21:20Therefore they commanded the children of Beniamin, saying, Goe, and lye in waite in the vineyardes.
21:21And when ye see that the daughters of Shiloh come out to dance in dances, then come ye out of the vineyards, and catche you euery man a wife of the daughters of Shiloh, and goe into the land of Beniamin.
21:22And when their fathers or their brethren come vnto vs to complaine, we wil say vnto them, Haue pitie on them for our sakes, because we reserued not to eche man his wife in the warre, and because ye haue not giuen vnto them hitherto, ye haue sinned.
21:23And the children of Beniamin did so, and tooke wiues of them that danced according to their nomber: which they tooke, and went away, and returned to their inheritance, and repaired the cities and dwelt in them.
21:24So the children of Israel departed thence at that time, euery man to his tribe, and to his familie, and went out from thence euery man to his inheritance.
21:25In those dayes there was no King in Israel, but euery man did that which was good in his eyes.
Geneva Bible 1560/1599

Geneva Bible 1560/1599

The Geneva Bible is one of the most influential and historically significant translations of the Bible into English, preceding the King James translation by 51 years. It was the primary Bible of 16th century Protestantism and was the Bible used by William Shakespeare, Oliver Cromwell, John Knox, John Donne, and John Bunyan. The language of the Geneva Bible was more forceful and vigorous and because of this, most readers strongly preferred this version at the time.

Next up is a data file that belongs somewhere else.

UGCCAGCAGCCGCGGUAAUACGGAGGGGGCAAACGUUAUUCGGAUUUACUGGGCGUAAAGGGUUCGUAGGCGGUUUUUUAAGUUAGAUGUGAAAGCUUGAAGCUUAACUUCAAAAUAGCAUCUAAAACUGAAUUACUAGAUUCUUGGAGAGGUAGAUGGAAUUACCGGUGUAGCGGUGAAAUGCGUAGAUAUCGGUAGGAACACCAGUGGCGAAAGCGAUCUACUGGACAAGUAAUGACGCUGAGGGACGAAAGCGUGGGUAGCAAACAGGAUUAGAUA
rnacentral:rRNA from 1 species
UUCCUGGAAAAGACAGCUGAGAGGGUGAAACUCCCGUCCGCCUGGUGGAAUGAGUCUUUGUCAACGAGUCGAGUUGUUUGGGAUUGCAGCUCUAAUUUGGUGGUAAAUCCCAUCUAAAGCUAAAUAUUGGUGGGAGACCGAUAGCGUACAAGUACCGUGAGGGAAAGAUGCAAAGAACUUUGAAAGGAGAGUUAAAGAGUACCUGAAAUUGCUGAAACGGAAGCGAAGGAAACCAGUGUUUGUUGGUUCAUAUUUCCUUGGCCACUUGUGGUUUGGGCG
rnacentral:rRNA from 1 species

The Geneva Bible was produced by a group of English scholars who, fleeing from the reign of Queen Mary, had found refuge in Switzerland. During the reign of Queen Mary, no Bibles were printed in England, the English Bible was no longer used in churches and English Bibles already in churches were removed and burned. Mary was determined to return Britain to Roman Catholicism.

The first English Protestant to die during Mary's turbulent reign was John Rogers in 1555, who had been the editor of the Matthews Bible. At this time, hundreds of Protestants left England and headed for Geneva, a city which under the leadership of Calvin, had become the intellectual and spiritual capital of European Protestants.

One of these exiles was William Whittingham, a fellow of Christ Church at Oxford University, who had been a diplomat, a courtier, was much traveled and skilled in many languages including Greek and Hebrew. He eventually succeeded John Knox as the minister of the English congregation in Geneva. Whittingham went on to publish the 1560 Geneva Bible.

This version is significant because, it came with a variety of scriptural study guides and aids, which included verse citations that allow the reader to cross-reference one verse with numerous relevant verses in the rest of the Bible, introductions to each book of the Bible that acted to summarize all of the material that each book would cover, maps, tables, woodcut illustrations, indices, as well as other included features, all of which would eventually lead to the reputation of the Geneva Bible as history's very first study Bible.